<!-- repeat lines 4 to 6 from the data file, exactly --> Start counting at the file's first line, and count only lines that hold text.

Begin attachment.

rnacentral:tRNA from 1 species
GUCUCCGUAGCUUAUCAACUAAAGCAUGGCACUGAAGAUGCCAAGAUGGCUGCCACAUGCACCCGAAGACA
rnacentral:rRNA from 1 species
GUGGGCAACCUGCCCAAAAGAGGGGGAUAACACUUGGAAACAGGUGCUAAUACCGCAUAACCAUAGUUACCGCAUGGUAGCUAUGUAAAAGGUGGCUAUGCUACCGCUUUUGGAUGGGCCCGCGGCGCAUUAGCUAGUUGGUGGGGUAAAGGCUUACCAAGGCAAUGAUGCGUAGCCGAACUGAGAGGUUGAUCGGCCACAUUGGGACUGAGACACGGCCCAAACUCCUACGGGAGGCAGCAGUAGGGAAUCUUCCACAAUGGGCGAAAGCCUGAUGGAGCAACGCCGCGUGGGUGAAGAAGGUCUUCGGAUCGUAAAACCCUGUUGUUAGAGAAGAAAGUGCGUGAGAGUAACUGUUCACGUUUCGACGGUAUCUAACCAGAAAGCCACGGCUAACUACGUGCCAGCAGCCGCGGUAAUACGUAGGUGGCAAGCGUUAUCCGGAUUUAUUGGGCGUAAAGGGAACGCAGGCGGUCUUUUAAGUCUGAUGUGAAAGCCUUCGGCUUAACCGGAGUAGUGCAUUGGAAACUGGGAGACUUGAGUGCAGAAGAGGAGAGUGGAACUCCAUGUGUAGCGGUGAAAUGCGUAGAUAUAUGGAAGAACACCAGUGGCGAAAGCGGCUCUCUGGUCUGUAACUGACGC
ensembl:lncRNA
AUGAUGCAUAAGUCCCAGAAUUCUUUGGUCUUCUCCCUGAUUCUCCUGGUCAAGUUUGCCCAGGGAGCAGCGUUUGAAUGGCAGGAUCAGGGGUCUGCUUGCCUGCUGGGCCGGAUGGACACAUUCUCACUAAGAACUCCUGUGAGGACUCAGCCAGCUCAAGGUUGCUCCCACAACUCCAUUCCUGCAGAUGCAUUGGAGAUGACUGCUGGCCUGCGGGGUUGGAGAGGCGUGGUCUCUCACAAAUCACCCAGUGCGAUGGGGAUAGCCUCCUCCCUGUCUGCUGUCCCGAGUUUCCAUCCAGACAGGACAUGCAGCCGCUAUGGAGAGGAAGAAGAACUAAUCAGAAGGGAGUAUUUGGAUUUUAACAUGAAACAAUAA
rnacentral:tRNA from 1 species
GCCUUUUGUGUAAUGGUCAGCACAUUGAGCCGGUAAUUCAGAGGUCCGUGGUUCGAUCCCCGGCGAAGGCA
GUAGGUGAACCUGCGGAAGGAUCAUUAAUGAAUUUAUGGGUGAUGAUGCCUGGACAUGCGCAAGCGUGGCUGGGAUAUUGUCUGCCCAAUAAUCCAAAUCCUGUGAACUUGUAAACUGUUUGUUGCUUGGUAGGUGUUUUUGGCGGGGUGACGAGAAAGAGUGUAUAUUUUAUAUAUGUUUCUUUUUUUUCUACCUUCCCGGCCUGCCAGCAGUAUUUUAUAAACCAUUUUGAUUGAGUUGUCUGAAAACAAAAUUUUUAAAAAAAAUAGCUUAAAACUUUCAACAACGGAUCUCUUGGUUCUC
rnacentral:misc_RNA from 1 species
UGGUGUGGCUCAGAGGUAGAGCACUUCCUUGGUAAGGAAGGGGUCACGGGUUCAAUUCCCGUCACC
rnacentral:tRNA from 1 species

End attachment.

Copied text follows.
GUGGGCAACCUGCCCAAAAGAGGGGGAUAACACUUGGAAACAGGUGCUAAUACCGCAUAACCAUAGUUACCGCAUGGUAGCUAUGUAAAAGGUGGCUAUGCUACCGCUUUUGGAUGGGCCCGCGGCGCAUUAGCUAGUUGGUGGGGUAAAGGCUUACCAAGGCAAUGAUGCGUAGCCGAACUGAGAGGUUGAUCGGCCACAUUGGGACUGAGACACGGCCCAAACUCCUACGGGAGGCAGCAGUAGGGAAUCUUCCACAAUGGGCGAAAGCCUGAUGGAGCAACGCCGCGUGGGUGAAGAAGGUCUUCGGAUCGUAAAACCCUGUUGUUAGAGAAGAAAGUGCGUGAGAGUAACUGUUCACGUUUCGACGGUAUCUAACCAGAAAGCCACGGCUAACUACGUGCCAGCAGCCGCGGUAAUACGUAGGUGGCAAGCGUUAUCCGGAUUUAUUGGGCGUAAAGGGAACGCAGGCGGUCUUUUAAGUCUGAUGUGAAAGCCUUCGGCUUAACCGGAGUAGUGCAUUGGAAACUGGGAGACUUGAGUGCAGAAGAGGAGAGUGGAACUCCAUGUGUAGCGGUGAAAUGCGUAGAUAUAUGGAAGAACACCAGUGGCGAAAGCGGCUCUCUGGUCUGUAACUGACGC
ensembl:lncRNA
AUGAUGCAUAAGUCCCAGAAUUCUUUGGUCUUCUCCCUGAUUCUCCUGGUCAAGUUUGCCCAGGGAGCAGCGUUUGAAUGGCAGGAUCAGGGGUCUGCUUGCCUGCUGGGCCGGAUGGACACAUUCUCACUAAGAACUCCUGUGAGGACUCAGCCAGCUCAAGGUUGCUCCCACAACUCCAUUCCUGCAGAUGCAUUGGAGAUGACUGCUGGCCUGCGGGGUUGGAGAGGCGUGGUCUCUCACAAAUCACCCAGUGCGAUGGGGAUAGCCUCCUCCCUGUCUGCUGUCCCGAGUUUCCAUCCAGACAGGACAUGCAGCCGCUAUGGAGAGGAAGAAGAACUAAUCAGAAGGGAGUAUUUGGAUUUUAACAUGAAACAAUAA